Before Midnight (PG)
The third part of Linklater’s “Before” trilogy can be watched in isolation. We meet Jesse and Celine nine years on in Greece. Almost two decades have passed since their first meeting on that train bound for Vienna. The “Before” trilogy is the defining movie love story of a generation. And “Before Midnight”, flush with humour, heartbreak and ravishing romance, is the best so far.
Hawke and Delpy, who are both credited on the script too, have never found co-stars to bounce off more nimbly or bring out richer nuances in their acting. As in the earlier films, all the best sequences here are long, snaking duologues – the difference being that Celine and Jesse now know each other inside out, and exactly which buttons to push. As a gift from friends, they get a night to themselves, and the movie’s tone shifts at the key moment when they’ve walked to a local village and the sun sets, as if inviting the real sequel to begin. There’s a long and brilliant scene in a hotel room, plotted like great theatre, in which foreplay gets interrupted by mild irritation and sarcasm becomes a full-on domestic row.
Where we might have expected a gentle or rueful coda, we get a battle of the sexes as blistering as the best of Tracy/Hepburn, and infinitely more frank. The pair take turns to be witheringly funny about each other’s foibles, delusions, and vast deficiencies. In a breath, Hawke can be magnificently caustic – just wait for his quip about Celine’s “agony in the trenches of the Sorbonne” – and a clumsy stirrer of the hornet’s nest. Delpy is a mistress of the half-joke with a whole artillery of grievances at her fingertips, and the emotional capacity to fire them all at once. The way men and women can trample on each other’s dreams, even without intent, is a brave subject for this movie to unpick, given the wispy, tender optimism of those dreams when Celine and Jesse last met, and indeed first met. Each film asks whether this generation’s most durable movie couple will make it – only now they’re asking the same question of themselves.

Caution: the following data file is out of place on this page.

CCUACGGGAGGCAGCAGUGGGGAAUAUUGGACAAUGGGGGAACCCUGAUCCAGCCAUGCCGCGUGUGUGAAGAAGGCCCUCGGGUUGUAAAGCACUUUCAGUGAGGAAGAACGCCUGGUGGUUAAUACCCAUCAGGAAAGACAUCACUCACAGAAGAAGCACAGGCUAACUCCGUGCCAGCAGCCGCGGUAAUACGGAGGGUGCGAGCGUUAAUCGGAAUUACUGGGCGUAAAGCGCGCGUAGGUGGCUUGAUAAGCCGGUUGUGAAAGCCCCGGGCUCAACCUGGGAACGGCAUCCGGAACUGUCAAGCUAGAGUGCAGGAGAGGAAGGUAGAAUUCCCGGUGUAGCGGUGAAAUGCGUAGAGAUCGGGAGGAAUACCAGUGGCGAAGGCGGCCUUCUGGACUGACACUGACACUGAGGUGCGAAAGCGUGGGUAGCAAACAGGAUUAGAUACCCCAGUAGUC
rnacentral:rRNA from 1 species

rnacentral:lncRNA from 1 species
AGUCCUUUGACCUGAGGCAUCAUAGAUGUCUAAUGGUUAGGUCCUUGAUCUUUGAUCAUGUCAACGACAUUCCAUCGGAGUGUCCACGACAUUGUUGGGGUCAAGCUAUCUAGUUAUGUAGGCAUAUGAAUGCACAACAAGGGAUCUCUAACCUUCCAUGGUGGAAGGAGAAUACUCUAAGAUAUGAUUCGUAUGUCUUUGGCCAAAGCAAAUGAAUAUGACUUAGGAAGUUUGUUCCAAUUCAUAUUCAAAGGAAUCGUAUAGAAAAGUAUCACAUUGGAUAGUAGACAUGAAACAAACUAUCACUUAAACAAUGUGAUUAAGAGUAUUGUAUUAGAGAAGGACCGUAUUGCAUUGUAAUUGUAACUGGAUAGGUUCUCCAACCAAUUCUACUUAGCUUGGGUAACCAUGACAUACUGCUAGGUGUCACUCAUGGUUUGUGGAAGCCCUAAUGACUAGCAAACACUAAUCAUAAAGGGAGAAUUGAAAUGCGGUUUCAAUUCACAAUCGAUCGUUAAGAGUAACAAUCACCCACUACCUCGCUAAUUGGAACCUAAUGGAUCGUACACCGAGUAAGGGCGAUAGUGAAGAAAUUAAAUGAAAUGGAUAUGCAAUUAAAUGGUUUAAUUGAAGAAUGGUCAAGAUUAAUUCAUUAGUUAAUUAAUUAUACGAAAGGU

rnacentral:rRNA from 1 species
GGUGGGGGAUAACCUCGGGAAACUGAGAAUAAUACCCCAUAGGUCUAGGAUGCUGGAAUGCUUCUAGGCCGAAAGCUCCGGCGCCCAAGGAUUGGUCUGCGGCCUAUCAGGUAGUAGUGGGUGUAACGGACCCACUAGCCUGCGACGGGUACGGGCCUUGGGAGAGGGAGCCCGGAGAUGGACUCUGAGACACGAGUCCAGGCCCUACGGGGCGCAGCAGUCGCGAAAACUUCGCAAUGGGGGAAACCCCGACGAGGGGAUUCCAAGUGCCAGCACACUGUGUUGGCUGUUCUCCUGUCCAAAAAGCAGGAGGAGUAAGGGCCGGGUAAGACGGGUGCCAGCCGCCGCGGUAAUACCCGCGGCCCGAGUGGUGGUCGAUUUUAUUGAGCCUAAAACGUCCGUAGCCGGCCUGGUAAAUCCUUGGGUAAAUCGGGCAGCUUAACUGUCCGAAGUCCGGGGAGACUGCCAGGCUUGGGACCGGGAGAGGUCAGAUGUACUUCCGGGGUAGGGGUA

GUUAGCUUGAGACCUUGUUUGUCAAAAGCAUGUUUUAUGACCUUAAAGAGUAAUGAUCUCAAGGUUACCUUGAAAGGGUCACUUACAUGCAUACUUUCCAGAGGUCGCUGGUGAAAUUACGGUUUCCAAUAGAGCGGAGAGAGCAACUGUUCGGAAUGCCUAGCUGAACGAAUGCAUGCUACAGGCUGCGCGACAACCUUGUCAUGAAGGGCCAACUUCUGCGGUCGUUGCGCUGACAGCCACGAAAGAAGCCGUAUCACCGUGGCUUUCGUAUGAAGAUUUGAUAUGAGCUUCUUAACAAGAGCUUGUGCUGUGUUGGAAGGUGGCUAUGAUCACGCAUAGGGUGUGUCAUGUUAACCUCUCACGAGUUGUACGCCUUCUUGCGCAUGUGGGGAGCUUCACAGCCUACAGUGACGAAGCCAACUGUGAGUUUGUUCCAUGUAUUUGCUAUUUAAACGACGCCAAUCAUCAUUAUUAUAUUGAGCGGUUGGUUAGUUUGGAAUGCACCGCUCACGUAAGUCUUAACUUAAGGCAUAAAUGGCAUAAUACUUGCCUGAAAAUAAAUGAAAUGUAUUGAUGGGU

From first scene to last, Hawke and Delpy shine brilliantly, wearing their roles like second skins. And Linklater skilfully tracks the emotions roiling in the space between their sparring words. Though the award calibre screenplay captures the fever and fleetingness of love, it is also indelibly generous toward human failings even when the comic darts draw blood.
Cast: Ethan Hawke, Julie Delpy, Seamus Davey-Fitzpatrick
Awards: Nine wins, eighteen nominations (including Golden Globe for Best Actress for Julie Delpy and Oscar for Best Adapted Screenplay for Linklater, Delpy and Hawke)
Richard Linklater | USA | 2013 | 109 mins | PG
Weighted vote 64.2%